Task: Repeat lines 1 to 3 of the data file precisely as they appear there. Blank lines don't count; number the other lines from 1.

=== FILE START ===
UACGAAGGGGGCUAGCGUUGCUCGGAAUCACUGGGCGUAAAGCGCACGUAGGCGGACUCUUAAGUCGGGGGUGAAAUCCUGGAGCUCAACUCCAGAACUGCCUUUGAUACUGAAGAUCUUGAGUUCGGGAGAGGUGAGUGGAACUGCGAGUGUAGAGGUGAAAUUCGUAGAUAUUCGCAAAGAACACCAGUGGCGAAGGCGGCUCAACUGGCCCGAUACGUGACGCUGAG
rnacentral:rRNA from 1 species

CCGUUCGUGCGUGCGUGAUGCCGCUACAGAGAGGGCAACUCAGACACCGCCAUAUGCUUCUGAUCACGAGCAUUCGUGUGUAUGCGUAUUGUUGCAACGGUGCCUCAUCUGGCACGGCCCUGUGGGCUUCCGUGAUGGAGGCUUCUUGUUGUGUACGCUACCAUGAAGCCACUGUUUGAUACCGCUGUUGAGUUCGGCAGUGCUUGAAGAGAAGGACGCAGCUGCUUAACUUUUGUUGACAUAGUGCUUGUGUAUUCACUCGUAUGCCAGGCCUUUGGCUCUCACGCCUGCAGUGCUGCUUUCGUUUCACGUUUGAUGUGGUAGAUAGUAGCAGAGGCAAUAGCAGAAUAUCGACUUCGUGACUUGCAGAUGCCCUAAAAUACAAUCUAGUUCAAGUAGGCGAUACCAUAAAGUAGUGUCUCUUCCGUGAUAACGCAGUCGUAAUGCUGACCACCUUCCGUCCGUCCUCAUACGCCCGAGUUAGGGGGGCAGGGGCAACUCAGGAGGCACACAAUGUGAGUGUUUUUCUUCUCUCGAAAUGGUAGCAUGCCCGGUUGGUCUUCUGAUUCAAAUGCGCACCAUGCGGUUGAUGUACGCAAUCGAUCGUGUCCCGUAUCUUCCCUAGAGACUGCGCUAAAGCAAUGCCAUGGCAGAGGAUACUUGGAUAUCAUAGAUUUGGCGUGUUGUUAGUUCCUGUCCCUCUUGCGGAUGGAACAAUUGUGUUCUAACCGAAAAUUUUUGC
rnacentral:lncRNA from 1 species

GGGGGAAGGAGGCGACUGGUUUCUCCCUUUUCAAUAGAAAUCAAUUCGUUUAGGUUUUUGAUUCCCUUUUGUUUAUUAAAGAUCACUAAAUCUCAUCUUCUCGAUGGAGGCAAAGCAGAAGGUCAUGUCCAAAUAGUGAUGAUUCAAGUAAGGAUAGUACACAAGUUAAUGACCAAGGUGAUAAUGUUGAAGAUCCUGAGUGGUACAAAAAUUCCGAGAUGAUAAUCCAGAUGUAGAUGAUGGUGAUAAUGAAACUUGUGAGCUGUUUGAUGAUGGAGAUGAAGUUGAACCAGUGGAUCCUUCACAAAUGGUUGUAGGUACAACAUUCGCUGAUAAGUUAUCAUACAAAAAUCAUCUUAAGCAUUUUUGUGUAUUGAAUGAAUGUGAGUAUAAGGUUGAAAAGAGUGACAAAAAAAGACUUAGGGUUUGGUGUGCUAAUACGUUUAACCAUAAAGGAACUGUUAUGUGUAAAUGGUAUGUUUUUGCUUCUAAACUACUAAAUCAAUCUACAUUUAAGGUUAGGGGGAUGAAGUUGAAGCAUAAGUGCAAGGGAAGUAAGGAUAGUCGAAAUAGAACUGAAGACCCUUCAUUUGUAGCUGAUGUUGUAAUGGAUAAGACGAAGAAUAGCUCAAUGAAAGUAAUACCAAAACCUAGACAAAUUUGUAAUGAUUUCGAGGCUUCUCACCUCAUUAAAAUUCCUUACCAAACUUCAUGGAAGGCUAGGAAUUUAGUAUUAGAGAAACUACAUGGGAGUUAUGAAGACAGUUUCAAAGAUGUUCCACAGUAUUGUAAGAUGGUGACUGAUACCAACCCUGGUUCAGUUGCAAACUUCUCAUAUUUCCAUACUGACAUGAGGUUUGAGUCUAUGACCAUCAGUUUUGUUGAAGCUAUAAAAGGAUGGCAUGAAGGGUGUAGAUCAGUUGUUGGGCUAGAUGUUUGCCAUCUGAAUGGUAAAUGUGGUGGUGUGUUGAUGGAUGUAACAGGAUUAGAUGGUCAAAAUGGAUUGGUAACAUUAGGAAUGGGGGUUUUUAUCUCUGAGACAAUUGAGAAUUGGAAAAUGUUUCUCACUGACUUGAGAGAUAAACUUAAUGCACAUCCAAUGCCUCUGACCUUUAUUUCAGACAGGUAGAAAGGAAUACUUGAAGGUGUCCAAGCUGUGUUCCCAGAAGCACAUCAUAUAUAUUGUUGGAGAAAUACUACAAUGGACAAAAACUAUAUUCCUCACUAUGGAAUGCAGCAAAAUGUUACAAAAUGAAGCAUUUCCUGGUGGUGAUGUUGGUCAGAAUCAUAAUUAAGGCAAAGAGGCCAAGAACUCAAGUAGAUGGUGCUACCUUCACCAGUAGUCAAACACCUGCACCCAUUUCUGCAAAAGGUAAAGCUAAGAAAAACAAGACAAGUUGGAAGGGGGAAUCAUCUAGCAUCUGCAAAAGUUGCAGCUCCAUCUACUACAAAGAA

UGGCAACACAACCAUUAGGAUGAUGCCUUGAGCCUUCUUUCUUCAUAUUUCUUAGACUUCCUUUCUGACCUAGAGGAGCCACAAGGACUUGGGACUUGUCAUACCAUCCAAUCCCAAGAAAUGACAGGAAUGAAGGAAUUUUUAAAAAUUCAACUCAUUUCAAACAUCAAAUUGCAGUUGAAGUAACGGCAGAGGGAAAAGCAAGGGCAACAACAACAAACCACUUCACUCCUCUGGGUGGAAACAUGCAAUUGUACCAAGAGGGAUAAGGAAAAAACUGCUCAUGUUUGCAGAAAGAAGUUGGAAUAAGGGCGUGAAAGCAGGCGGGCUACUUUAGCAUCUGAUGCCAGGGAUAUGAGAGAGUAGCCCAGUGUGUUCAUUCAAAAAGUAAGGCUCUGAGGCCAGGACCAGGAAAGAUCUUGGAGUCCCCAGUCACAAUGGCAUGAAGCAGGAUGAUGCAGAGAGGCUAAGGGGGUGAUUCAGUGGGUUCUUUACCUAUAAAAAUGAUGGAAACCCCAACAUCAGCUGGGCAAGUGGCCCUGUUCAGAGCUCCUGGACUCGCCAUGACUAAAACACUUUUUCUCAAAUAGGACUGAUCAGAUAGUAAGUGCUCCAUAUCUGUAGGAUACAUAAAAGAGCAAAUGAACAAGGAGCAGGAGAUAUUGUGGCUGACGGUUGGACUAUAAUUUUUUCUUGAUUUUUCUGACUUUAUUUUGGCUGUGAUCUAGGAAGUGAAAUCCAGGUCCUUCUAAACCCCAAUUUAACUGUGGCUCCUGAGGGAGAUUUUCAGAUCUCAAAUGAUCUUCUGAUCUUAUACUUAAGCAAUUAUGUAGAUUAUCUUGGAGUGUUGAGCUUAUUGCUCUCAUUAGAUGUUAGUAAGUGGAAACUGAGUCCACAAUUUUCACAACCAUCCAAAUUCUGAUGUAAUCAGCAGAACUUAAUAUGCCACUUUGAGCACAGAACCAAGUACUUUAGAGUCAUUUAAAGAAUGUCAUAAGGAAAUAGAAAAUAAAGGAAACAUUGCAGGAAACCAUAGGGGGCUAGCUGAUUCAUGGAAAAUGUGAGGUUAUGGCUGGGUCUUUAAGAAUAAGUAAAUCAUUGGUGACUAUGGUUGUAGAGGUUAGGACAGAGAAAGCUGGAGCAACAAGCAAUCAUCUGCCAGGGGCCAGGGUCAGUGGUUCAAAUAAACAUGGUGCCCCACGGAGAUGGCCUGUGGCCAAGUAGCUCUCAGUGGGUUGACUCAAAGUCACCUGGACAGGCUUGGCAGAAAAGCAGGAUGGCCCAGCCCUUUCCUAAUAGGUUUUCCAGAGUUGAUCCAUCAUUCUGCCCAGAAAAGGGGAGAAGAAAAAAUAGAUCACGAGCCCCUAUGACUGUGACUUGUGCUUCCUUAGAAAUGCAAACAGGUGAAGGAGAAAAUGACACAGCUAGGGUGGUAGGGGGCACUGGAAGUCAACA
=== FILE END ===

UACGAAGGGGGCUAGCGUUGCUCGGAAUCACUGGGCGUAAAGCGCACGUAGGCGGACUCUUAAGUCGGGGGUGAAAUCCUGGAGCUCAACUCCAGAACUGCCUUUGAUACUGAAGAUCUUGAGUUCGGGAGAGGUGAGUGGAACUGCGAGUGUAGAGGUGAAAUUCGUAGAUAUUCGCAAAGAACACCAGUGGCGAAGGCGGCUCAACUGGCCCGAUACGUGACGCUGAG
rnacentral:rRNA from 1 species

CCGUUCGUGCGUGCGUGAUGCCGCUACAGAGAGGGCAACUCAGACACCGCCAUAUGCUUCUGAUCACGAGCAUUCGUGUGUAUGCGUAUUGUUGCAACGGUGCCUCAUCUGGCACGGCCCUGUGGGCUUCCGUGAUGGAGGCUUCUUGUUGUGUACGCUACCAUGAAGCCACUGUUUGAUACCGCUGUUGAGUUCGGCAGUGCUUGAAGAGAAGGACGCAGCUGCUUAACUUUUGUUGACAUAGUGCUUGUGUAUUCACUCGUAUGCCAGGCCUUUGGCUCUCACGCCUGCAGUGCUGCUUUCGUUUCACGUUUGAUGUGGUAGAUAGUAGCAGAGGCAAUAGCAGAAUAUCGACUUCGUGACUUGCAGAUGCCCUAAAAUACAAUCUAGUUCAAGUAGGCGAUACCAUAAAGUAGUGUCUCUUCCGUGAUAACGCAGUCGUAAUGCUGACCACCUUCCGUCCGUCCUCAUACGCCCGAGUUAGGGGGGCAGGGGCAACUCAGGAGGCACACAAUGUGAGUGUUUUUCUUCUCUCGAAAUGGUAGCAUGCCCGGUUGGUCUUCUGAUUCAAAUGCGCACCAUGCGGUUGAUGUACGCAAUCGAUCGUGUCCCGUAUCUUCCCUAGAGACUGCGCUAAAGCAAUGCCAUGGCAGAGGAUACUUGGAUAUCAUAGAUUUGGCGUGUUGUUAGUUCCUGUCCCUCUUGCGGAUGGAACAAUUGUGUUCUAACCGAAAAUUUUUGC